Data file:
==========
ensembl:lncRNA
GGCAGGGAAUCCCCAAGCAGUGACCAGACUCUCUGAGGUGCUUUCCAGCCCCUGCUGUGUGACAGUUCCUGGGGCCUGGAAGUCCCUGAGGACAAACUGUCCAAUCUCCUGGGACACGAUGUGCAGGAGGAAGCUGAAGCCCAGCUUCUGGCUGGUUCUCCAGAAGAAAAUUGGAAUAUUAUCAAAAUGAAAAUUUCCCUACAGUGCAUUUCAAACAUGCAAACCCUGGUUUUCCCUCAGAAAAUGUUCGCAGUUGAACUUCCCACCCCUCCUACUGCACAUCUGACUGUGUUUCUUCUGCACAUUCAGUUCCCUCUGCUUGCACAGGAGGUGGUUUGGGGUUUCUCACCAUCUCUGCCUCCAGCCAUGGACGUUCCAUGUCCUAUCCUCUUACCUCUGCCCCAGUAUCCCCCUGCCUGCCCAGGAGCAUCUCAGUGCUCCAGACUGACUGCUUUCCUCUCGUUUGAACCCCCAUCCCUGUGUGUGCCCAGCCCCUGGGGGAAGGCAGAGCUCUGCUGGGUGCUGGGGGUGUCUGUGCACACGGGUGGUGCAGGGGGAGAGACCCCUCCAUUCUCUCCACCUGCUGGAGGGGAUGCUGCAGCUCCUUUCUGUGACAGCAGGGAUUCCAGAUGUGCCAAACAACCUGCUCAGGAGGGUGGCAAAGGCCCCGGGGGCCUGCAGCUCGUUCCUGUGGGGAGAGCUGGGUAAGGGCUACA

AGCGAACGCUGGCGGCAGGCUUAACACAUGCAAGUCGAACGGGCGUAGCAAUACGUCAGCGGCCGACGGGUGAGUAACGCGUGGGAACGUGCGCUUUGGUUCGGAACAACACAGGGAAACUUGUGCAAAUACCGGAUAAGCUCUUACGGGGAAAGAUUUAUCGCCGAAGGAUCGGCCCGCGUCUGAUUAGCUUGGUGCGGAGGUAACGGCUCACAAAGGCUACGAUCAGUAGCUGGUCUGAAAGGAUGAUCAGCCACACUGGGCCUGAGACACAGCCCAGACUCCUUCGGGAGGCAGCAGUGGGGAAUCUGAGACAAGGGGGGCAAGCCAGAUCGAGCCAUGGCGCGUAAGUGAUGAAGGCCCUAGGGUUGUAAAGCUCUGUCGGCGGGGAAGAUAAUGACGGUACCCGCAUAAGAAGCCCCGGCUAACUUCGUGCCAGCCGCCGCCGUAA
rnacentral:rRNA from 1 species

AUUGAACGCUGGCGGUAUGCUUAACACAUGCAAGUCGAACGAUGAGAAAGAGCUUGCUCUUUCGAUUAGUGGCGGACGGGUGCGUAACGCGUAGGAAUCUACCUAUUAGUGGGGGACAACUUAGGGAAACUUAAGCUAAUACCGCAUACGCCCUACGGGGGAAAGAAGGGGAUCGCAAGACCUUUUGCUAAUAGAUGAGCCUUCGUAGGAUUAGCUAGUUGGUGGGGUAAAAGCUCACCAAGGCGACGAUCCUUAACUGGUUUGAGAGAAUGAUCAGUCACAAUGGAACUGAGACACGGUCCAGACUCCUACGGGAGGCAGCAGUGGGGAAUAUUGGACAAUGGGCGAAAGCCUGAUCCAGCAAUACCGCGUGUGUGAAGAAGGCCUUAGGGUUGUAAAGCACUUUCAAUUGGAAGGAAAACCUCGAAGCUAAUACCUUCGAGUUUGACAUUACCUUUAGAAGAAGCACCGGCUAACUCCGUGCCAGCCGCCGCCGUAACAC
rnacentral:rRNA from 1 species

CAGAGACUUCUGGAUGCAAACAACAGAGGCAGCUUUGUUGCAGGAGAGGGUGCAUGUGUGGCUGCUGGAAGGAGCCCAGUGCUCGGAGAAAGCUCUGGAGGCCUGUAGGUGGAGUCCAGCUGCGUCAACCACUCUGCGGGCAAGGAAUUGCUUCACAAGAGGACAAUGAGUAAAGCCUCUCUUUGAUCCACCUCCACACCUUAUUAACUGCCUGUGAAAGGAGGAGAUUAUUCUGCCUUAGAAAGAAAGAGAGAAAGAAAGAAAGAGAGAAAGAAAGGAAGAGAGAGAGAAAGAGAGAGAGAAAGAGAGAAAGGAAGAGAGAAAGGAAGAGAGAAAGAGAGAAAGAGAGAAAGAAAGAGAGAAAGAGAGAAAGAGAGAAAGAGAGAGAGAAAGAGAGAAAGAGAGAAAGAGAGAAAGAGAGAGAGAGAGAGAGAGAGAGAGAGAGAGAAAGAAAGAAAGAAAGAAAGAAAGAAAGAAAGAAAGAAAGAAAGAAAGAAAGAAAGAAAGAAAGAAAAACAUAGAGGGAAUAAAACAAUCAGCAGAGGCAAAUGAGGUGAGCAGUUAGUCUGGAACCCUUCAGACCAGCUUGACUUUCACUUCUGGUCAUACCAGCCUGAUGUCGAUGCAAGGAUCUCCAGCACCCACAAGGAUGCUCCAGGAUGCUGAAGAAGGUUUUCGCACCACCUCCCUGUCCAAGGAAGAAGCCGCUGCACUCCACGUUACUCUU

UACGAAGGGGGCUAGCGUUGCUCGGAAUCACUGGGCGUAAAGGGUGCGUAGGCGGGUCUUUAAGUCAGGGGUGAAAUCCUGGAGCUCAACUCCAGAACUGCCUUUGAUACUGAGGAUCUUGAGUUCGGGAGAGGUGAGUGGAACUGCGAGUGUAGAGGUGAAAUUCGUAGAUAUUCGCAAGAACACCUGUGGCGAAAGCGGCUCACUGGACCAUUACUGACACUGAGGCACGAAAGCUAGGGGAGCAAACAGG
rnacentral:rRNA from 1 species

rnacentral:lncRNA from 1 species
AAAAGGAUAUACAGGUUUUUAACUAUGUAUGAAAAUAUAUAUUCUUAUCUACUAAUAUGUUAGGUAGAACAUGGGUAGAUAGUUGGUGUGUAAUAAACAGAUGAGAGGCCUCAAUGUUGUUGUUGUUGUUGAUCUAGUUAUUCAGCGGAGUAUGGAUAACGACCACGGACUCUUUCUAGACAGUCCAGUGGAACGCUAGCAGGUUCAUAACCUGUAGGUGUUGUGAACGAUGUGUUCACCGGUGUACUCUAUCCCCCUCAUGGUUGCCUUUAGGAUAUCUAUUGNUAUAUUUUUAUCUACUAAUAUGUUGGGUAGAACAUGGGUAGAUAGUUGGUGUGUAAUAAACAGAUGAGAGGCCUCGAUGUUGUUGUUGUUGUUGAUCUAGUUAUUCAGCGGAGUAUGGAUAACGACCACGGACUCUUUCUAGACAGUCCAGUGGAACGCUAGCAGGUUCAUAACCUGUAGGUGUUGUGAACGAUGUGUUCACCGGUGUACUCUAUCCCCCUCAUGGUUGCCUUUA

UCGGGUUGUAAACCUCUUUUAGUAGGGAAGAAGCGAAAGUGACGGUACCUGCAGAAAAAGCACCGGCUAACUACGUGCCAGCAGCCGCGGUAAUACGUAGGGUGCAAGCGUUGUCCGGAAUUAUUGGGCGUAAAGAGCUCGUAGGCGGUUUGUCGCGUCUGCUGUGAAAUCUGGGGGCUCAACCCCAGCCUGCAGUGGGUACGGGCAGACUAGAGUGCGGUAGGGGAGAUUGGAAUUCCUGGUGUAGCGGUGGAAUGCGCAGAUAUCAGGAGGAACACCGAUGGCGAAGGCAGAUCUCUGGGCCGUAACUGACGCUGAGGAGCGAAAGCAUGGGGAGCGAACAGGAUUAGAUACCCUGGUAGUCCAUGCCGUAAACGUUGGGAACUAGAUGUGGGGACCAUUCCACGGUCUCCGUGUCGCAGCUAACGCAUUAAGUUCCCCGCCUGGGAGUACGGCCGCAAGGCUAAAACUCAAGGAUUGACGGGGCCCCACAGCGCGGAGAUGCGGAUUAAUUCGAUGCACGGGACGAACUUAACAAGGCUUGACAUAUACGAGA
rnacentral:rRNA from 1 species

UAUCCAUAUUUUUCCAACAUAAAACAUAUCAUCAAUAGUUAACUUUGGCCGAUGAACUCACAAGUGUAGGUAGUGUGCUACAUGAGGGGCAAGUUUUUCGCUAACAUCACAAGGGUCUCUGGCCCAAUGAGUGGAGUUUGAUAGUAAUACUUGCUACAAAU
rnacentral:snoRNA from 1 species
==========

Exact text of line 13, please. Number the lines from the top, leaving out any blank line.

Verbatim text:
rnacentral:rRNA from 1 species